Thiocarbamide (thiourea) is the preferred thiocarbamide compound, although substituted thiocarbamide compounds, such as described in U.S. Pat. No. 4,715,894, the teachings of which are incorporated by reference, may also be utilized in accordance with the invention.

Along with thiazole, substituted thiazoles may also be used in accordance with the present invention. Suitable substituted thiazoles include, but are not limited to 2-amino thiazole and 2-mercaptobenzothiazole. Of these, 2-aminothiazole has given the best acid-resistance to date.

The solution may optionally contain between about 0.2 and about 10 wt % of a metal-chelating agent, such as ethylenediaminetetraacetate.

The aqueous solution may optionally contain a surfactant at a level of between about 0.05 and about 10.0% by weight. Suitable surfactants include, but are not limited to polyalkoxylated alcohols, polyalkoxylated amines, sulfated and sulfonated amides, sulfated and sulfonated amines, glycerides and polyalkoxylated esters, betaines, and alcohols.

The aqueous solution may optionally contain between about 0.1 and about 49 wt % of a water-miscible organic solvent.

The aqueous solutions in accordance with the invention contain at least 40 wt % water.

As an alternative to including the thiazole compound and/or thiocarbamide compound in the micro-etching solution, an oxidatively micro-etched surface may be post-treated with an aqueous solution of a thiazole compound and/or thiocarbamide compound. Again, the total level of the thiazole compound and/or thiazole carbamide compound is at least about 0.2 wt %, preferably at least about 1 wt %, up to saturation levels.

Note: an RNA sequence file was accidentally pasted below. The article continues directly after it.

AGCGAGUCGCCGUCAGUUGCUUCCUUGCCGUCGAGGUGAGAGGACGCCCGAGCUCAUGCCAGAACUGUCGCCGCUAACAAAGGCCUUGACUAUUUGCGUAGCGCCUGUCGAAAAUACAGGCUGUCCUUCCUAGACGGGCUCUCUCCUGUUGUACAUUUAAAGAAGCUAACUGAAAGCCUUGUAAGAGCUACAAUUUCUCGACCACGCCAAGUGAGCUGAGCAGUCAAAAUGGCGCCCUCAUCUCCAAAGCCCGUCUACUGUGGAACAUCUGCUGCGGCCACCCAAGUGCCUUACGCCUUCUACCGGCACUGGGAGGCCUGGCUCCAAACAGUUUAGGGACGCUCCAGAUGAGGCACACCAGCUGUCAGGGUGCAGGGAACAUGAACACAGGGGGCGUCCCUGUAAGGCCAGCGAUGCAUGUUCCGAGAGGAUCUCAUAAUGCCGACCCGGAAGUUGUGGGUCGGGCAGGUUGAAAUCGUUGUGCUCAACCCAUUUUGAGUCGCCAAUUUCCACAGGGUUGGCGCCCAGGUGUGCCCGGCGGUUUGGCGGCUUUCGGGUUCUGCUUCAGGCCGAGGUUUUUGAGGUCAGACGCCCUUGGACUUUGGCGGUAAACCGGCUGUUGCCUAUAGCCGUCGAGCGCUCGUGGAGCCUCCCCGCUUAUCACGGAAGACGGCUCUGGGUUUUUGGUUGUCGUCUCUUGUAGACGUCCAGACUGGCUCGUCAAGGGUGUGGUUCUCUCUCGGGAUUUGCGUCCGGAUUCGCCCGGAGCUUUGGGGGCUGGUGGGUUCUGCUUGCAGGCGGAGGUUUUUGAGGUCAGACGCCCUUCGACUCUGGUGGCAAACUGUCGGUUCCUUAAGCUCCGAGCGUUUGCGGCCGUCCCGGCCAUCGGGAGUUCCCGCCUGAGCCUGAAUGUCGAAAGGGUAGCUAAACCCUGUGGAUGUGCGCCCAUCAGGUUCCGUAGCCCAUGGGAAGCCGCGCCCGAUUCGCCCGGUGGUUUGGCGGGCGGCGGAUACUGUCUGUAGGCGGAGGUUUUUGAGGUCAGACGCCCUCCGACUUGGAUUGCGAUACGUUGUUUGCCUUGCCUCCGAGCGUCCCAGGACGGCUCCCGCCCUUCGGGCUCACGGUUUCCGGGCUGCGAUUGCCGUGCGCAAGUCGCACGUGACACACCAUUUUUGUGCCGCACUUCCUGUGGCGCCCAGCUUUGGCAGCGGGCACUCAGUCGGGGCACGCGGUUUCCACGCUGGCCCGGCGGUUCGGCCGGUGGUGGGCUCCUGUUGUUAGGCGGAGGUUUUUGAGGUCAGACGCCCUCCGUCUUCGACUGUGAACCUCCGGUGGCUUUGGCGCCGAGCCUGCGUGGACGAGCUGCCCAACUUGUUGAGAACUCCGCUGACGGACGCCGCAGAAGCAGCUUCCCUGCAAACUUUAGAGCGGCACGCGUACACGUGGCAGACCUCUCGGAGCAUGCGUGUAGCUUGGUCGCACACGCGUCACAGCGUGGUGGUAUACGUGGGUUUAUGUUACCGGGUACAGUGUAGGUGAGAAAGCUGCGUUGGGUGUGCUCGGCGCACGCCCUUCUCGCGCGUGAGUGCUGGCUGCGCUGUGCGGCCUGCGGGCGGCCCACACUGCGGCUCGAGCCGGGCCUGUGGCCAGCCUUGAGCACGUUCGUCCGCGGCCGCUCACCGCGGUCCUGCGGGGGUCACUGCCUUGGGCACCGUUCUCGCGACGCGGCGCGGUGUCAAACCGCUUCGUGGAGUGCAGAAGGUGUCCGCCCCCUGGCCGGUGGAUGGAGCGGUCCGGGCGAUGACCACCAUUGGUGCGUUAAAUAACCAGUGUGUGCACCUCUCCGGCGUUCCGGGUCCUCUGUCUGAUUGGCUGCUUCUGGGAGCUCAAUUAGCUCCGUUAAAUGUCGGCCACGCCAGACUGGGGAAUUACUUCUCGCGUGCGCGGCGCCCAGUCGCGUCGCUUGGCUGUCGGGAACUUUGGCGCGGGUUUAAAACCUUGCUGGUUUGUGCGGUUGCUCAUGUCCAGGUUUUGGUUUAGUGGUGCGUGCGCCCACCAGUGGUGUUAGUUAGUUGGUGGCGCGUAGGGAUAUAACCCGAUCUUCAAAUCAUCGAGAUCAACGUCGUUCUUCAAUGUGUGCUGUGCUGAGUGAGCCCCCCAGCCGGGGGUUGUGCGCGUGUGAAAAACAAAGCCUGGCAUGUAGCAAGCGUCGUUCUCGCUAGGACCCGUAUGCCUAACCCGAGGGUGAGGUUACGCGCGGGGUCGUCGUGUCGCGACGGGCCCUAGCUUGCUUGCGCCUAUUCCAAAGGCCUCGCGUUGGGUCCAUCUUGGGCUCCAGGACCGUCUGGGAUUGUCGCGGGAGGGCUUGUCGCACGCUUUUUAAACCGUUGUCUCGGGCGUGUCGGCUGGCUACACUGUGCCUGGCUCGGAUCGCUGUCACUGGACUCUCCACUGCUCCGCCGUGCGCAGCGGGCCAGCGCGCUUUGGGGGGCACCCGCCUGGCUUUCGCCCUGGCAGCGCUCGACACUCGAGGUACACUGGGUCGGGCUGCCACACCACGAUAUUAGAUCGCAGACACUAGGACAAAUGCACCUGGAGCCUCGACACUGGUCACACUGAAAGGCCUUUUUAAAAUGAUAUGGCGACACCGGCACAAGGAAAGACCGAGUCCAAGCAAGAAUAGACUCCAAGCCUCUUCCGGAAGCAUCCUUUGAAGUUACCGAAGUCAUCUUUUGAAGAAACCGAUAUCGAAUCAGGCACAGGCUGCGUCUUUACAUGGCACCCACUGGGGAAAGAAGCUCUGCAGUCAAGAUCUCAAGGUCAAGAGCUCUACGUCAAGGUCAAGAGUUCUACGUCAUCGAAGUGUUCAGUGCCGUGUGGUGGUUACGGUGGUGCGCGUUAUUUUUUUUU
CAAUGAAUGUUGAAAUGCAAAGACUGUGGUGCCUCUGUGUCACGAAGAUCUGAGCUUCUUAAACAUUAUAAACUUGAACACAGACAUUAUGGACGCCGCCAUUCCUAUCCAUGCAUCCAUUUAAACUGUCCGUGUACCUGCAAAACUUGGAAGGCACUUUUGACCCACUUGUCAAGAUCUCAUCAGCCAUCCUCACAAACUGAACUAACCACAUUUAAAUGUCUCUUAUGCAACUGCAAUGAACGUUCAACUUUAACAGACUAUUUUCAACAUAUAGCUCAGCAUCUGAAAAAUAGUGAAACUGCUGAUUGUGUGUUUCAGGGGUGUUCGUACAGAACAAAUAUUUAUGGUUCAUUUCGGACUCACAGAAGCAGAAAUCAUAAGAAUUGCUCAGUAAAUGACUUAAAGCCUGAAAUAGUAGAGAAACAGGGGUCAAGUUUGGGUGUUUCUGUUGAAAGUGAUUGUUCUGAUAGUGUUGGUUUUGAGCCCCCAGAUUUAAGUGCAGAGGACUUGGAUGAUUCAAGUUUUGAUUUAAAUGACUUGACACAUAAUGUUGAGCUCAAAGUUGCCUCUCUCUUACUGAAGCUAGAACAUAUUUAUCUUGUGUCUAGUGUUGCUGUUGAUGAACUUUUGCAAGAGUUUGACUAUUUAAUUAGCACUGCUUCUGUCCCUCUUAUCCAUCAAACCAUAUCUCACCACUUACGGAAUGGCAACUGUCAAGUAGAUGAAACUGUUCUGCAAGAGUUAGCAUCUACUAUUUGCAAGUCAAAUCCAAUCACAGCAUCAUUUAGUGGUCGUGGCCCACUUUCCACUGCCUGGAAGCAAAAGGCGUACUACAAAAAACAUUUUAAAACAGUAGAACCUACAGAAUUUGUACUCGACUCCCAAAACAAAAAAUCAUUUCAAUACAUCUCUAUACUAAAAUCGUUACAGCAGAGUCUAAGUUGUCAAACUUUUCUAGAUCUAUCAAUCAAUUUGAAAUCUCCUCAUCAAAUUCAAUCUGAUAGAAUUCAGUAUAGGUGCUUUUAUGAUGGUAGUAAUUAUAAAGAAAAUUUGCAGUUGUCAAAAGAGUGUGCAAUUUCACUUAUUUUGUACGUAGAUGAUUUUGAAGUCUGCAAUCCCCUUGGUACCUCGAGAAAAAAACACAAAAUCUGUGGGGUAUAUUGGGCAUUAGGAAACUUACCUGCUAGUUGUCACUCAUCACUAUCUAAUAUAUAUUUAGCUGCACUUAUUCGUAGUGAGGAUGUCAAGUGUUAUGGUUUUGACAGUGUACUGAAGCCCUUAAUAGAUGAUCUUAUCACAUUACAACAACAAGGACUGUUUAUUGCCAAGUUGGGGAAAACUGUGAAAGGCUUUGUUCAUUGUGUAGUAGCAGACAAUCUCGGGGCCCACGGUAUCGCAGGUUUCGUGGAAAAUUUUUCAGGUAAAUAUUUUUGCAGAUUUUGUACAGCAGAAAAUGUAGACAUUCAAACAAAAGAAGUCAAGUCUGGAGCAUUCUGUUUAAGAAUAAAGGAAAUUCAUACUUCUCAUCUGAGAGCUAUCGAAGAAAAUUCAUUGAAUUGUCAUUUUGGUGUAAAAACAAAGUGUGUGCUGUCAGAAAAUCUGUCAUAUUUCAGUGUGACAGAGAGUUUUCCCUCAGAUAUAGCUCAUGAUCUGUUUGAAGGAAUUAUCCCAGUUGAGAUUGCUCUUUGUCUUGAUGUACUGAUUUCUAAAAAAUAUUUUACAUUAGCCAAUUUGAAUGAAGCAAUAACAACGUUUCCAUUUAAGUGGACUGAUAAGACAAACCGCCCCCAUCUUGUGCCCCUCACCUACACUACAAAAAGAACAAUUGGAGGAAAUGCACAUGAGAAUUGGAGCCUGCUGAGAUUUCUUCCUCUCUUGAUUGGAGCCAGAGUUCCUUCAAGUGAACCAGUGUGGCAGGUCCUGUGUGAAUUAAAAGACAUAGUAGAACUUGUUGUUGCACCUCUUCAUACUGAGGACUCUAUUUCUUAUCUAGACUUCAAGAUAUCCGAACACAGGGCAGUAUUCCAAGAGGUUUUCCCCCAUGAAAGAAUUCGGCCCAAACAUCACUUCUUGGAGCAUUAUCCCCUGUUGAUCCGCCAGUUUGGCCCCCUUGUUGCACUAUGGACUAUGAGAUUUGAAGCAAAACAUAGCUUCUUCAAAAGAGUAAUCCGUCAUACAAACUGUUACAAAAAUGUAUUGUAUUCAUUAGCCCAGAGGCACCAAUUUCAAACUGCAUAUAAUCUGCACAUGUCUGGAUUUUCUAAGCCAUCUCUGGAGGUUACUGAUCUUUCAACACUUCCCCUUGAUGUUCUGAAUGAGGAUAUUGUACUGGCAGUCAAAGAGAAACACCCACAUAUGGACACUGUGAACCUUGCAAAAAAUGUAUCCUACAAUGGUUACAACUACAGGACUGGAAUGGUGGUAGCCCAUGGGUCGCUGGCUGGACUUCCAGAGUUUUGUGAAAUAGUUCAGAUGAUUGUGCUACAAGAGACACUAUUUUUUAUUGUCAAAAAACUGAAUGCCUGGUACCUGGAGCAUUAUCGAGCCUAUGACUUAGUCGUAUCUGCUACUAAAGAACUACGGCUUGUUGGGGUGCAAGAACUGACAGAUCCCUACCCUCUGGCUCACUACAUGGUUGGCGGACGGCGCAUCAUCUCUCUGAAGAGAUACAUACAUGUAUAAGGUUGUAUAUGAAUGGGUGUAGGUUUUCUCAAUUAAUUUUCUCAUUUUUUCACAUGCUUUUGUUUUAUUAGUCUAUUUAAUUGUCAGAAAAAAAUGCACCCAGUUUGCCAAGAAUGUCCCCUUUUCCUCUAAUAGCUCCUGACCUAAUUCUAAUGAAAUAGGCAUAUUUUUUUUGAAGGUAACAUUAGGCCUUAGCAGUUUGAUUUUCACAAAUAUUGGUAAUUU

The invention will now be described in greater detail by way of specific examples.

EXAMPLE 1

Four copper-clad circuitry board blanks were micro-etched to a brown color with an aqueous etchant solution containing 10 wt % sulfuric acid, 10 wt % hydrogen peroxide, 0.005 wt % hydrogen chloride, and 1 wt % benzotriazole. The boards were subsequently rinsed in water for 5 minutes and dried. One board was untreated while the other three were treated with an appropriate concentration of thiocarbamide (thiourea), 2-aminothiazole or 2-mercaptobenzothiazole. When these reagent's water solubility was low, these solutions were prepared with a glycol ether to facilitate their dissolutionment. The boards were immersed in HCl (10% by volume) at ambient temperature. The times for the boards to turn from brown to pink are as follows: